When he awoke there was blood everywhere, the door to the room was locked shut, and cardboard had been placed over the door's window to keep correctional officers from seeing what was inside. When Palmer kicked at the door for help, another inmate entered the room and told Palmer that if he kicked the door again, the inmate would kill him. When that inmate left, others returned with towels and ordered Palmer to clean the blood up. Palmer was so weak he was unable to stand. The other inmates kicked him a few more times then left the room and Palmer again passed out. Palmer was discovered the next day by an inmate not involved in the assault. When correctional officers entered Cell Block 2T to remove Palmer, they discovered another beaten detainee in a different room of the cell block who had been held hostage at least a day longer than Palmer. One of the jail's medical personnel examined Palmer and concluded that Palmer needed immediate hospitalization. Palmer was hospitalized for about four days and thereafter returned to the Marion County Jail and assigned to the medical block before being transferred to another correctional facility. The inmates who were allegedly involved in the beating were later prosecuted.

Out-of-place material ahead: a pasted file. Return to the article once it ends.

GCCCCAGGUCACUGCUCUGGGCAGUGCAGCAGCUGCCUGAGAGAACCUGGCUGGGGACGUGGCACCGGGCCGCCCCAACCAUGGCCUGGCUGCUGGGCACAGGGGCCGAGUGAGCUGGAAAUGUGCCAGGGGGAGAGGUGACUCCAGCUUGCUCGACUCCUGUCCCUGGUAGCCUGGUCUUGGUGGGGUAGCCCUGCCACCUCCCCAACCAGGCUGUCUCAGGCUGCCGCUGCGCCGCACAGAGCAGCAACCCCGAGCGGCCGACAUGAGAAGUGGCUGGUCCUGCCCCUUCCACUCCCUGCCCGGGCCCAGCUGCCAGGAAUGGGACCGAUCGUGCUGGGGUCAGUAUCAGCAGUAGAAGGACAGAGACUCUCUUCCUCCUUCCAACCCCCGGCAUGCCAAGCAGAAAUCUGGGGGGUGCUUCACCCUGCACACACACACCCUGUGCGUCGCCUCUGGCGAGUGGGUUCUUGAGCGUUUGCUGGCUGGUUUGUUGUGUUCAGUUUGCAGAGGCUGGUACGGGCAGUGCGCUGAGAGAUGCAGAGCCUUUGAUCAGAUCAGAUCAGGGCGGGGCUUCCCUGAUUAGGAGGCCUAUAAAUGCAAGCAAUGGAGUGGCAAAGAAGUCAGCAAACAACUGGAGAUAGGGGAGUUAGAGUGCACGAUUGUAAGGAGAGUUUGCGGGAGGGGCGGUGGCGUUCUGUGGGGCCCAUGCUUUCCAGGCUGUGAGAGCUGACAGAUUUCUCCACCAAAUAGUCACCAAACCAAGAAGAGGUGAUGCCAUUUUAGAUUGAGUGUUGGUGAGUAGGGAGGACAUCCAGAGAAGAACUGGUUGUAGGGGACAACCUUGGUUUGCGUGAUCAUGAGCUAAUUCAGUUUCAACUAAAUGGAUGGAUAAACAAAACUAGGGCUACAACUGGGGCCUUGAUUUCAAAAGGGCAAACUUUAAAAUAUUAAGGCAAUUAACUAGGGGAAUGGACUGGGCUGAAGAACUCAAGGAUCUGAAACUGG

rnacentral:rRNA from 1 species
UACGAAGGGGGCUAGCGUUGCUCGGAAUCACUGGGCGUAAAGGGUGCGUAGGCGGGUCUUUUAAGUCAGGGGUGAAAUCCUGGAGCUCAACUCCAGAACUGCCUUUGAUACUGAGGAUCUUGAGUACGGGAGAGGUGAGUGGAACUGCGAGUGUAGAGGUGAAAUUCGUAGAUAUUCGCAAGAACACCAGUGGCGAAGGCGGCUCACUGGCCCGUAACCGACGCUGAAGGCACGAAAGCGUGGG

In June 1999, Palmer filed suit in the Marion County Superior Court, alleging that the City of Indianapolis, Marion County, and Sheriff Jack Cottey — in both his individual and official capacity — violated Palmer's constitutional rights because they were deliberately indifferent to Palmer's safety by adopting a widespread practice of segregating inmates by race as well as by failing to safeguard the health and well-being of the inmates from attacks thrust upon them by other detainees. Palmer also alleged federal civil rights and Indiana state law claims against the defendants for negligently hiring and failing to properly train and supervise correctional officers. Palmer did not name as defendants the individual correctional officers who were allegedly involved in exposing him to a serious risk of harm but did allege that these unnamed defendants violated his constitutional rights by failing to take the necessary precautionary steps to protect him after being advised of the dangers. The defendants removed the suit to federal court and after a hearing the court granted summary judgment in favor of the defendants on all of Palmer's claims ruling that Palmer had failed to demonstrate that either an unconstitutional policy of the defendants existed or that it was because of such a policy that he was attacked and suffered serious injury.